Muntjac Deer- The Barking Deer

Late at night it sounds like someone is being murdered.  The noise carries in the darkness, loud and clear but haunting and disturbing.  This is the call of the muntjac deer sometimes known as the barking deer.  The bark is either a call to identify their location, a challenge to intruders or as a warning signal. Either way, these solitary and secretive mammals make a lot of noise when they want to.

male muntjac deer

The English population is the Reeves’s muntjac, (Muntiacus reevesi)  or Chinese muntjac are all descendants of the 1925 escapees from Woburn Abbey.  Muntjac deer are not native to the UK, but survive happily in the wild in the UK. 

They are native to South Asia and the tropical climate in this part of the world means that they have developed to breed throughout the year.  There is no rutting season for these docile and timid deer. However, their ability to breed throughout the year has seen a prolific growth in their population. These small deer are also different from native deer in the UK as they do not destroy crops or woodland. They do however graze and can clear the brambles and herbs on the woodland floor. This has been linked to the decline in nightingales and can impact the native bluebells, orchids and other native wild flowers. In some areas, especially conservation areas, the muntjac deer can be seen as a pest.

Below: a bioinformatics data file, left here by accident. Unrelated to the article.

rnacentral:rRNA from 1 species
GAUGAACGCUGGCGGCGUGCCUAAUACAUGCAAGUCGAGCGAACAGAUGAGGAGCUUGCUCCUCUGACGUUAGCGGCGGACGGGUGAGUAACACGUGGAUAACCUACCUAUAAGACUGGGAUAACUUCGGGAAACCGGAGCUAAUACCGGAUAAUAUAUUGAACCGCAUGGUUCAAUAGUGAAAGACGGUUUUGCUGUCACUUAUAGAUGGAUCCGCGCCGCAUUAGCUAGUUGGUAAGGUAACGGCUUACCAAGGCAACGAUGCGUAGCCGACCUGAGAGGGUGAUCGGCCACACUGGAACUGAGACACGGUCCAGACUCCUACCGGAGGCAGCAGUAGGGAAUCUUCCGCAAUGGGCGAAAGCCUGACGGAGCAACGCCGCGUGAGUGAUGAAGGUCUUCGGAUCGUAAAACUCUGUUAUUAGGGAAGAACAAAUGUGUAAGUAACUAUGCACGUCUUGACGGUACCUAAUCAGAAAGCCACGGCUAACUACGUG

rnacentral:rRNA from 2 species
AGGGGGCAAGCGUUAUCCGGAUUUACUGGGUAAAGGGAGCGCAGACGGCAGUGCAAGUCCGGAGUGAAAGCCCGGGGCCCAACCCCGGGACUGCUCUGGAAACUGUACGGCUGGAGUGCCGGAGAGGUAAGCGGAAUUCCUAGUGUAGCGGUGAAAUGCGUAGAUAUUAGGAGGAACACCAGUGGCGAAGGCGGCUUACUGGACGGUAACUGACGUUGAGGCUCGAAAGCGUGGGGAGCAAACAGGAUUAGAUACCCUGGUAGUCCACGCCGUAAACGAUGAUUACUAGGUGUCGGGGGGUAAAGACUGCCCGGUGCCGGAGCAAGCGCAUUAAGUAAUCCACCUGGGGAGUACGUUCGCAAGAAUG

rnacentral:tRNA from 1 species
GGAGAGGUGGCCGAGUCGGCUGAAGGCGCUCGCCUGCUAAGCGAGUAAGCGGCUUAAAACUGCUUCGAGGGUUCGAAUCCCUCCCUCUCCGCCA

The male is small – about the same size as a dog with small antlers and a distinct ‘v’ shape on his face. He also had small tusks, barely visible, but there!  The female is a similar size but has smaller antlers.   These are solitary mammals, there aren’t huge herds wandering the countryside so seeing them is not always easy. To confirm their presence dropping may be seen or found. Muntjac deer droppings are small droppings measuring about 1cm by 1.3cm. They are black, rounded or cylindrical and can sometimes have a point at one or both ends.

Muntjac deer footprints are the smallest of all the deer and measure 2cm wide and about 4cm long with two ‘toes’.

The males are territorial and their territory will overlap the territory a number of females. The female will live either alone or with her kid. It is estimated that there are about 40000 muntjac deer in the UK who can breed from about 8 months old. The gestation period is about 210days and the female can fall pregnant immediately after the arrival of her kid. The males will live for about 10 years with the females having a life span of 13 years.

female muntjac deer with woodland background

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